2016-biogen-care-deeply-day_-37We divided the group into 3 tracks with CJL leaders for each. Thank you, David Piet and David Field, for volunteering as leaders.




2016-biogen-care-deeply-day_-35In just 2 hours, these Biogen Idec volunteers had removed 90 very full bags of trash and 1 tire and helped haul them via the Corps of Engineers pontoon boat to a nearby dumpster.

Chatham County Leaders Aboard Pontoon Boat

img_20161004_102856173_hdr-1Encouraged by success of our first Public Awareness Pontoon Boat Tour last Fall with Durham County leaders aboard, we invited Chatham County participants for our second tour. Those aboard on the morning of Oct. 4 were Diana Hale and Karen Howard from Chatham County’s Board of Commissioners; John Bonitz, Town of Pittsboro Commissioner; Rene Pascal and Dan LaMontagne, Chatham County Manager and Assistant Manager, respectively; Maria Parker-Lewis, member of Pittsboro Business Assoc. and Main St. Pittsboro; Greg Lewis, member of Pittsboro Business Association and Chatham Economic Development Corp.; Ilana Dubester, Hispanic Liaison, Siler City; Margart Sands, Outreach Coordinator, Triangle Land Conservancy; and Nick Cross, REI Outdoor Programs Manager, Central North Carolina.

Captain Don Watkins of Triangle Boat Tours motored us from Vista Point to Jordan Dam. Along the way, the participants had wonderful looks at bald eagles, great blue heron and comorants in a setting undisturbed by a single house on the shoreline. But then we hopped off the boat to see an example of a “trashline” winding through the woods, impossible to see from the water.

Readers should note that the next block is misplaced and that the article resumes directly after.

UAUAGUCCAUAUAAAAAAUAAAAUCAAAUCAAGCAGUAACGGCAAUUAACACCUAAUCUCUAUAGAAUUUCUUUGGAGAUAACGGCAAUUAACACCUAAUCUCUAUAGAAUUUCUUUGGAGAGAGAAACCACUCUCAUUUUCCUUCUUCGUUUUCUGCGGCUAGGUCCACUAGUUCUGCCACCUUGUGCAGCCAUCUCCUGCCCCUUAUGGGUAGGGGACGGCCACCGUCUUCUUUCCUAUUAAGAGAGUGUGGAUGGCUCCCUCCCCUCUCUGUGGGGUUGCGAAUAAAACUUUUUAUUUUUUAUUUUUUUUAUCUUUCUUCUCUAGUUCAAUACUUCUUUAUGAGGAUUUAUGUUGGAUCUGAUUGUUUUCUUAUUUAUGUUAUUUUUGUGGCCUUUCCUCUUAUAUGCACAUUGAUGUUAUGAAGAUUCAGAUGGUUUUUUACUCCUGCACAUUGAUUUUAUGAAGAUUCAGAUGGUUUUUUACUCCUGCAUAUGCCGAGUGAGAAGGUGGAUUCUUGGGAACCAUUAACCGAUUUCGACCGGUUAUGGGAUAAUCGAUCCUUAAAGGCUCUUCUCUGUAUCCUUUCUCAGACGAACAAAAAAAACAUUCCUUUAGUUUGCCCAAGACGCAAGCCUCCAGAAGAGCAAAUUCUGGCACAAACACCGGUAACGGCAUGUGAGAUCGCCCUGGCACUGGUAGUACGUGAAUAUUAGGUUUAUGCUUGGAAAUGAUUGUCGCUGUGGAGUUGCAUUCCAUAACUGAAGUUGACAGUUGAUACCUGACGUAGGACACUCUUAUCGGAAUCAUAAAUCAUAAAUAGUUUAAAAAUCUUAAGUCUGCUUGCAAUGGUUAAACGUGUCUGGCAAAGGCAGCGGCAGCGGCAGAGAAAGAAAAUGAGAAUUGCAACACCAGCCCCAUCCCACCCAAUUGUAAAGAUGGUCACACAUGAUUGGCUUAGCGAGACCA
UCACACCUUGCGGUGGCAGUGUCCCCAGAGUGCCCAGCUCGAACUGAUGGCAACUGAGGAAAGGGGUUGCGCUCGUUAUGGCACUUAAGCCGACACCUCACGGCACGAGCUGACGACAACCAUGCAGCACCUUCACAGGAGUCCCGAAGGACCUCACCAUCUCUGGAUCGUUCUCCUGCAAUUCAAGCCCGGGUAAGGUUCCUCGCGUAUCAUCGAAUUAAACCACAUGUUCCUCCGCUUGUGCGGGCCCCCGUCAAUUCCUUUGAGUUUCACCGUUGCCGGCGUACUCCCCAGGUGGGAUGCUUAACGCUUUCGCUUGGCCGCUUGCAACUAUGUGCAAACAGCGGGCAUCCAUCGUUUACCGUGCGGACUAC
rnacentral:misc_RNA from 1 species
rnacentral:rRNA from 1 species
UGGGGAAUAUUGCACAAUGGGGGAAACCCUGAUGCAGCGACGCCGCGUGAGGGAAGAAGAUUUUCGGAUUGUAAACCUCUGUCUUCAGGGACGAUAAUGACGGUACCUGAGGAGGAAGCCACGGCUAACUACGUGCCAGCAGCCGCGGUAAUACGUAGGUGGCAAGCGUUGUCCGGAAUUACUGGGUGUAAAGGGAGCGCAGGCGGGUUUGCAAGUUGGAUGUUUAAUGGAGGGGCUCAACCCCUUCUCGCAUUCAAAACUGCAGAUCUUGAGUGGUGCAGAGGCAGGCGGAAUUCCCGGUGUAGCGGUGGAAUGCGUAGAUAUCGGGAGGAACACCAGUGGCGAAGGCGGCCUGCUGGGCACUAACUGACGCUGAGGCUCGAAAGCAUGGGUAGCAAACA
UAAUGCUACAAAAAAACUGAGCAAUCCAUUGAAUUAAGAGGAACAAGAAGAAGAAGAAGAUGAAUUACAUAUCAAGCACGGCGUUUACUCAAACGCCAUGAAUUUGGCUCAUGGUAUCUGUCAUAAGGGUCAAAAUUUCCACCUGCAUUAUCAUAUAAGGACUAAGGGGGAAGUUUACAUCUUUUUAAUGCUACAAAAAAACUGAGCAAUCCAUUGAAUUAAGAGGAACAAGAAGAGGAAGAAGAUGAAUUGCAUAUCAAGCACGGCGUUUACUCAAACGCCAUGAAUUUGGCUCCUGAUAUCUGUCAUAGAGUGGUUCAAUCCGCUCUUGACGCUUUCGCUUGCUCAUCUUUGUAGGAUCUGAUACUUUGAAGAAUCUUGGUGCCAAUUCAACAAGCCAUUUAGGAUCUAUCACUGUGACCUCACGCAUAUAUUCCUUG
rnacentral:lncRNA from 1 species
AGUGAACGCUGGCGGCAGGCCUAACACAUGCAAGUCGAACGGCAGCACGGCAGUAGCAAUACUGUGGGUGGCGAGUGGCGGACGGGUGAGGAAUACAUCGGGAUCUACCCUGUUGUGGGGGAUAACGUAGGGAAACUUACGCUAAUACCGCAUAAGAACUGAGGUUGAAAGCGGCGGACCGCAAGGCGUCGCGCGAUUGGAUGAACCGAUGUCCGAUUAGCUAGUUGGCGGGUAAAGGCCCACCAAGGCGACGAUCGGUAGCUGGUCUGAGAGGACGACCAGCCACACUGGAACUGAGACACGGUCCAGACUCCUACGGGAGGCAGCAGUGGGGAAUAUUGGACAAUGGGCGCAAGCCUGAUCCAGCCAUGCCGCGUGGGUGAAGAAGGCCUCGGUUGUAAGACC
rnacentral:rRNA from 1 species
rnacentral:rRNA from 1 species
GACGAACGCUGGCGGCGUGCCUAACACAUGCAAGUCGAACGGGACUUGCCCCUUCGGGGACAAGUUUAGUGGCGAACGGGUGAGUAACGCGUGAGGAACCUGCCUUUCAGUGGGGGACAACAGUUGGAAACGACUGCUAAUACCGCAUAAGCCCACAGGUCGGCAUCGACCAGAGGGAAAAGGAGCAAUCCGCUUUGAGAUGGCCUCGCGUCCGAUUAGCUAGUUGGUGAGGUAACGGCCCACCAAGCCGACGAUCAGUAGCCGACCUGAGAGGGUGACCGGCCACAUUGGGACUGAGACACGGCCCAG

img_20161004_101029020As happened in our Durham County Tour, the participants were eager to pick up trash. They filled two bags in just five minutes.

We then pulled into a quiet cove (last photo) to sit for a brainstorming session on Chatham County could help us raise public awareness.

img_20161004_111153974 Lots of great suggestions were offered including reach out to Chatham public schools; county-level messaging; invitations to reporters to view trash after storms like we just had and to be on board our next pontoon boat tour; reach out to upstream counties for our Adopt-A-Feeder Stream program; and appeal to shoreline fishermen with emotion grabbing photo of bird entangled in line imprinted on large sign.

Public Awareness Day: Ebenezer Church and Seaforth Beach